With volatile geopolitical events, a prevailing energy crisis, an ageing workforce, and increased pressure to speed up the energy transition to meet the demand for a decentralised power grid, continued digitalisation is the only option for the power sector. And cloud computing is one of the vital Industry 4.0 technologies that power companies must harness.

The case for cloud computing in the power sector

Cloud computing has many uses across all aspects of the power value chain. It is essential for efficient equipment management, with data gathered, stored, and displayed on shared and real-time cloud-hosted platforms. The cloud also helps to improve power companies’ customer experience: PGE’s partnership with AWS greatly improved the company’s customer service with cloud-based APIs reducing customer response times even during periods of high traffic.

Another more disruptive use of cloud computing is in the tracking of energy consumption and the creation of flexibility in the grid, as seen in EDF’s powershift platform. This is powered by AWS and allows business customers to take control of their energy consumption, monetise any flexibility and, in turn, balance consumption and generation on the grid. There are many further uses for cloud computing, from facilitating the functioning of collaboration tools to advanced data analytics, and the piloting of emerging technologies.

We can see that power companies are already benefiting from the inherent advantages of cloud technology: its flexibility, scalability, and cost-effectiveness. And it is also clear that the companies which embrace the more innovative uses of the cloud and its capacity. for example, to enable other emerging technologies, will see its full benefit.

Barriers to implementation

However, even with the abundant advantages of cloud computing, well-known barriers to implementation are still present. A key barrier for power companies in adopting cloud computing is a slowdown of their digitalisation due to cost and gaps in tech-savvy talent. This can make migration to cloud computing tricky and can mean that power companies miss out on compelling uses of the technology. To remedy this barrier, it is essential that power companies invest in professional cloud services such as cloud integration and managed cloud services, to fully understand their cloud computing needs and find the best solutions. Power companies can harness the knowledge of cloud experts through these professional services and in turn, can track their cloud usage, potentially migrate to new cloud environments, or access any post-deployment support required. The adoption of cloud computing by power companies can thus run smoothly, regardless of the cloud-literacy levels of their workforce.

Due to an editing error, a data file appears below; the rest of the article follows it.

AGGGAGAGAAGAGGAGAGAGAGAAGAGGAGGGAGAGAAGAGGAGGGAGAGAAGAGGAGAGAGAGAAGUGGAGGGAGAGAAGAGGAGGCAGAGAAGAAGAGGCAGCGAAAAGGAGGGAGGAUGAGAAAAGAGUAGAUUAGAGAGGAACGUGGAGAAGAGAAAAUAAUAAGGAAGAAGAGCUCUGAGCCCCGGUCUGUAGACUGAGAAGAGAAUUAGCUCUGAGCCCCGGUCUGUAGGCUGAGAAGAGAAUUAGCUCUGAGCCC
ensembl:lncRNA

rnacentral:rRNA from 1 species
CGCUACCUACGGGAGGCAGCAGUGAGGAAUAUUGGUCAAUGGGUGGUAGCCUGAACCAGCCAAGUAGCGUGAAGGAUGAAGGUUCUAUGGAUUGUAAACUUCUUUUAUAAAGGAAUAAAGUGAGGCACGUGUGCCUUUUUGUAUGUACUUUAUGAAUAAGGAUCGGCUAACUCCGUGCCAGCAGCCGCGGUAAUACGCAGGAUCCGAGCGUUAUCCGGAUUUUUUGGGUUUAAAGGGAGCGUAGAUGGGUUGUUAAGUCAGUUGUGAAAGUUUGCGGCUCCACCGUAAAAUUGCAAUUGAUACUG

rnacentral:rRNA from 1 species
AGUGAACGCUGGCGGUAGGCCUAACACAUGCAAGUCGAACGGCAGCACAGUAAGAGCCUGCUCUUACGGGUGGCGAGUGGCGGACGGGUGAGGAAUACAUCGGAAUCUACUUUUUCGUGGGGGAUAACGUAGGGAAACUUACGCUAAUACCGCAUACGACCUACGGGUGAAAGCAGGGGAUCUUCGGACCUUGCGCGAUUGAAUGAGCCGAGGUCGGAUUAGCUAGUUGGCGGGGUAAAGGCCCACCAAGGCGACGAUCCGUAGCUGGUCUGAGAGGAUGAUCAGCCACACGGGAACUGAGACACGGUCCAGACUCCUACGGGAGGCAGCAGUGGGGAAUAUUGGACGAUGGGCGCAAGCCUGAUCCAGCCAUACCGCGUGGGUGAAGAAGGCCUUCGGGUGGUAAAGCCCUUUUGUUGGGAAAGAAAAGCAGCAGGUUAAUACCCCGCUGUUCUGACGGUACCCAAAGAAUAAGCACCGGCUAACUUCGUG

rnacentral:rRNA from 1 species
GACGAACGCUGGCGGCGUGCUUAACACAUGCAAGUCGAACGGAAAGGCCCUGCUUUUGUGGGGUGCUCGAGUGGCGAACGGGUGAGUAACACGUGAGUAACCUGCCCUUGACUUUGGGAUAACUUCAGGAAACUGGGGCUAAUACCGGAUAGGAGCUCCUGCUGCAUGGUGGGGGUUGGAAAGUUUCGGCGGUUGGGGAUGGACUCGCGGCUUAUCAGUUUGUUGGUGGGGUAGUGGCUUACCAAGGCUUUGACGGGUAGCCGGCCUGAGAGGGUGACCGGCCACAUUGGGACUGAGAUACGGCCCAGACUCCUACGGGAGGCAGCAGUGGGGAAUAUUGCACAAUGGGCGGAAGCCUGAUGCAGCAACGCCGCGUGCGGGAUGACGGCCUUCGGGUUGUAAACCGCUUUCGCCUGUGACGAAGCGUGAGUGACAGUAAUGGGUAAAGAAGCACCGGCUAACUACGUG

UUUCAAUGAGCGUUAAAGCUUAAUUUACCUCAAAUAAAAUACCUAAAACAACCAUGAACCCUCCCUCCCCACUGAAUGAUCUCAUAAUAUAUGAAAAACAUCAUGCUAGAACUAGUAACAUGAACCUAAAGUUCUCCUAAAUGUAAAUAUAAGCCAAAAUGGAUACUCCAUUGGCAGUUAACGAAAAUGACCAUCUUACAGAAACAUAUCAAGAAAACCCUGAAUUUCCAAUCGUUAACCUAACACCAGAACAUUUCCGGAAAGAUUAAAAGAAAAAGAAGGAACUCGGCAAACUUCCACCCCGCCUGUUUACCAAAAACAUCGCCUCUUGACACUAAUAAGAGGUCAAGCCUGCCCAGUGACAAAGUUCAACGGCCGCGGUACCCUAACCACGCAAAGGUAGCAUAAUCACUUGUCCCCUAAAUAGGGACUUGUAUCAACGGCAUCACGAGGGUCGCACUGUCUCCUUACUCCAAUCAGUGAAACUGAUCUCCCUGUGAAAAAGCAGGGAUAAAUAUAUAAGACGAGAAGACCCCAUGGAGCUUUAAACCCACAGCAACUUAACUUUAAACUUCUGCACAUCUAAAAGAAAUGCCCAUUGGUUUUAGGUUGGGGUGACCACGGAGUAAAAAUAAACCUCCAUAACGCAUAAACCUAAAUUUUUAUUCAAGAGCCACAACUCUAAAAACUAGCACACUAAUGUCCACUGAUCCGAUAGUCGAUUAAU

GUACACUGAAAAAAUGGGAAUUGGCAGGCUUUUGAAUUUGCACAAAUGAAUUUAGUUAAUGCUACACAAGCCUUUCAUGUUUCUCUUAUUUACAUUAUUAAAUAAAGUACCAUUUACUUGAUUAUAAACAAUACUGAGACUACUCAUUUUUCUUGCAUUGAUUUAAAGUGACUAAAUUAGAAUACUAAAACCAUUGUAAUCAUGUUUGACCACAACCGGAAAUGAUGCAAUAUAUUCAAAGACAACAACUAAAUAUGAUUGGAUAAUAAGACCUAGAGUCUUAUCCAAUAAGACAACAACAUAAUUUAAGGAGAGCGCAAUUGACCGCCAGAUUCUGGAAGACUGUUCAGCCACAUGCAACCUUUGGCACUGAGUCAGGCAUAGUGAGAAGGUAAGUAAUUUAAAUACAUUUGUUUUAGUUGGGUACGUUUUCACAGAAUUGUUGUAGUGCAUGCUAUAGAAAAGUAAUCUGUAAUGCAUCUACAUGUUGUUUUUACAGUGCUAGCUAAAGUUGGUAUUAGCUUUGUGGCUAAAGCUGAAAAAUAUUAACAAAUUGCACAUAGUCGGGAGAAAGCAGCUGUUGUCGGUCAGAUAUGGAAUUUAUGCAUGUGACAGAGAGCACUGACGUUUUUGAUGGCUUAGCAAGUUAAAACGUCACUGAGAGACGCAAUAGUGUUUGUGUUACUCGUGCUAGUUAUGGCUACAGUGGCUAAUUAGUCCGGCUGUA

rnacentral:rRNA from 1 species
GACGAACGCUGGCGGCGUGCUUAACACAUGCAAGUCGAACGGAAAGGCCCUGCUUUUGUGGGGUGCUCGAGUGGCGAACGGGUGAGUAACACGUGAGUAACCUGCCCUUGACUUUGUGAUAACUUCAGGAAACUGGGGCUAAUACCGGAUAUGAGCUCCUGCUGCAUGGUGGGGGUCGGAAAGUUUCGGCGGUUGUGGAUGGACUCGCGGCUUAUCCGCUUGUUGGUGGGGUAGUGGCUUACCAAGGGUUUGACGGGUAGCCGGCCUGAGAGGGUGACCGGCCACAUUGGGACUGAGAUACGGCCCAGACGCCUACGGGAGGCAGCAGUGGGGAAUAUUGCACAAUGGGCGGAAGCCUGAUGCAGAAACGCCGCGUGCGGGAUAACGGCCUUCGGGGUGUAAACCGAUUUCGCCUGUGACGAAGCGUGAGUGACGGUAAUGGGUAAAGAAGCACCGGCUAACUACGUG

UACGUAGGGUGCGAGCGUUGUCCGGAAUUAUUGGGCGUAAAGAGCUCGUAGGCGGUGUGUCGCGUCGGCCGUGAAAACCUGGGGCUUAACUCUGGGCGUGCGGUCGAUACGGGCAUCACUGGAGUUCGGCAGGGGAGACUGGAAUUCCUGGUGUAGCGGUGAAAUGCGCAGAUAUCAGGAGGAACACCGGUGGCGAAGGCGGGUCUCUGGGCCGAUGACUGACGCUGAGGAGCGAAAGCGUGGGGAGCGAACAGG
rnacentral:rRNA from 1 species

Despite key barriers to entry, companies in the power sector are still well-positioned for extensive cloud adoption. This was seen during the Covid-19 pandemic when many power companies used cloud computing to transition to remote operations rapidly. However, beyond the use of the cloud to keep operations running smoothly, the biggest power company winners in the coming years will be those that continually evaluate their cloud usage, for example, by assessing if they are using the best-suited cloud environment (whether on-premises, hybrid, private, etc), and more importantly, those that explore disruptive uses of the cloud to prepare for the future.